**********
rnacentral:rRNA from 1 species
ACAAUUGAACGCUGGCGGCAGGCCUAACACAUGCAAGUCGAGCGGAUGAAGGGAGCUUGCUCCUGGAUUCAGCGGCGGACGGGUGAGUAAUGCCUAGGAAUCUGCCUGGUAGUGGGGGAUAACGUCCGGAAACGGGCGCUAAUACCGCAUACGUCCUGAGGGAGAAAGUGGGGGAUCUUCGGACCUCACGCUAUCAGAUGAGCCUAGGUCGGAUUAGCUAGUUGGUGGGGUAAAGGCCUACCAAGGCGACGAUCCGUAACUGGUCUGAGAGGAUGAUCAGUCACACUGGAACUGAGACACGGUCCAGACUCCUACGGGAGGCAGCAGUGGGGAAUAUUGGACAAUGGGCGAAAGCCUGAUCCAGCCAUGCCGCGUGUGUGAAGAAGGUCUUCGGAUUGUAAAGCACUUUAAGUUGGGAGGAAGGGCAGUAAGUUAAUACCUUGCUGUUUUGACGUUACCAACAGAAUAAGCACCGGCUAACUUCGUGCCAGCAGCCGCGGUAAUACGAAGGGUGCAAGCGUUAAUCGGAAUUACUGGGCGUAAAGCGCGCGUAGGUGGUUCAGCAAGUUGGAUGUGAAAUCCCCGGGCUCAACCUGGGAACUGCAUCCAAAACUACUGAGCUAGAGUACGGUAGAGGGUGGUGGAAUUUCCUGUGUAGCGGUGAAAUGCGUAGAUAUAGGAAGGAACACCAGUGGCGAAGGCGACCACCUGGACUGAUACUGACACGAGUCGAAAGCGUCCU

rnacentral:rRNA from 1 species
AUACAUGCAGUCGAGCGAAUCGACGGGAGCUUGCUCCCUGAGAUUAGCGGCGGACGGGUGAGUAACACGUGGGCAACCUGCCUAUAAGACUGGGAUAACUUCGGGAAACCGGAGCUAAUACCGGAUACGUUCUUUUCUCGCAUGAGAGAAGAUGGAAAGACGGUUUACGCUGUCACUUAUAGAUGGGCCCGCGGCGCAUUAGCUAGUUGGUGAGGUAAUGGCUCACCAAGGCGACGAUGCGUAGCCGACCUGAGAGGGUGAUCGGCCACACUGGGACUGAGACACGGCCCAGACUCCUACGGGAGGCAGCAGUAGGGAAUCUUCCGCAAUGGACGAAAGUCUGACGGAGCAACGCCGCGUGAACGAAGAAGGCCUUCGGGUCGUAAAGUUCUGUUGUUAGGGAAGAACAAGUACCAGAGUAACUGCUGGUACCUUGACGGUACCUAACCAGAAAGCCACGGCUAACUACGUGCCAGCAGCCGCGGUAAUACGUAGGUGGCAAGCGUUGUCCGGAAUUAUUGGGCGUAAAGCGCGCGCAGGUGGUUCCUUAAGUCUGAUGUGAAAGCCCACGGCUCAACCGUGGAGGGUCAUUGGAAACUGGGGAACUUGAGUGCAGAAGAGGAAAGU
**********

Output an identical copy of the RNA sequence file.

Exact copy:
rnacentral:rRNA from 1 species
ACAAUUGAACGCUGGCGGCAGGCCUAACACAUGCAAGUCGAGCGGAUGAAGGGAGCUUGCUCCUGGAUUCAGCGGCGGACGGGUGAGUAAUGCCUAGGAAUCUGCCUGGUAGUGGGGGAUAACGUCCGGAAACGGGCGCUAAUACCGCAUACGUCCUGAGGGAGAAAGUGGGGGAUCUUCGGACCUCACGCUAUCAGAUGAGCCUAGGUCGGAUUAGCUAGUUGGUGGGGUAAAGGCCUACCAAGGCGACGAUCCGUAACUGGUCUGAGAGGAUGAUCAGUCACACUGGAACUGAGACACGGUCCAGACUCCUACGGGAGGCAGCAGUGGGGAAUAUUGGACAAUGGGCGAAAGCCUGAUCCAGCCAUGCCGCGUGUGUGAAGAAGGUCUUCGGAUUGUAAAGCACUUUAAGUUGGGAGGAAGGGCAGUAAGUUAAUACCUUGCUGUUUUGACGUUACCAACAGAAUAAGCACCGGCUAACUUCGUGCCAGCAGCCGCGGUAAUACGAAGGGUGCAAGCGUUAAUCGGAAUUACUGGGCGUAAAGCGCGCGUAGGUGGUUCAGCAAGUUGGAUGUGAAAUCCCCGGGCUCAACCUGGGAACUGCAUCCAAAACUACUGAGCUAGAGUACGGUAGAGGGUGGUGGAAUUUCCUGUGUAGCGGUGAAAUGCGUAGAUAUAGGAAGGAACACCAGUGGCGAAGGCGACCACCUGGACUGAUACUGACACGAGUCGAAAGCGUCCU

rnacentral:rRNA from 1 species
AUACAUGCAGUCGAGCGAAUCGACGGGAGCUUGCUCCCUGAGAUUAGCGGCGGACGGGUGAGUAACACGUGGGCAACCUGCCUAUAAGACUGGGAUAACUUCGGGAAACCGGAGCUAAUACCGGAUACGUUCUUUUCUCGCAUGAGAGAAGAUGGAAAGACGGUUUACGCUGUCACUUAUAGAUGGGCCCGCGGCGCAUUAGCUAGUUGGUGAGGUAAUGGCUCACCAAGGCGACGAUGCGUAGCCGACCUGAGAGGGUGAUCGGCCACACUGGGACUGAGACACGGCCCAGACUCCUACGGGAGGCAGCAGUAGGGAAUCUUCCGCAAUGGACGAAAGUCUGACGGAGCAACGCCGCGUGAACGAAGAAGGCCUUCGGGUCGUAAAGUUCUGUUGUUAGGGAAGAACAAGUACCAGAGUAACUGCUGGUACCUUGACGGUACCUAACCAGAAAGCCACGGCUAACUACGUGCCAGCAGCCGCGGUAAUACGUAGGUGGCAAGCGUUGUCCGGAAUUAUUGGGCGUAAAGCGCGCGCAGGUGGUUCCUUAAGUCUGAUGUGAAAGCCCACGGCUCAACCGUGGAGGGUCAUUGGAAACUGGGGAACUUGAGUGCAGAAGAGGAAAGU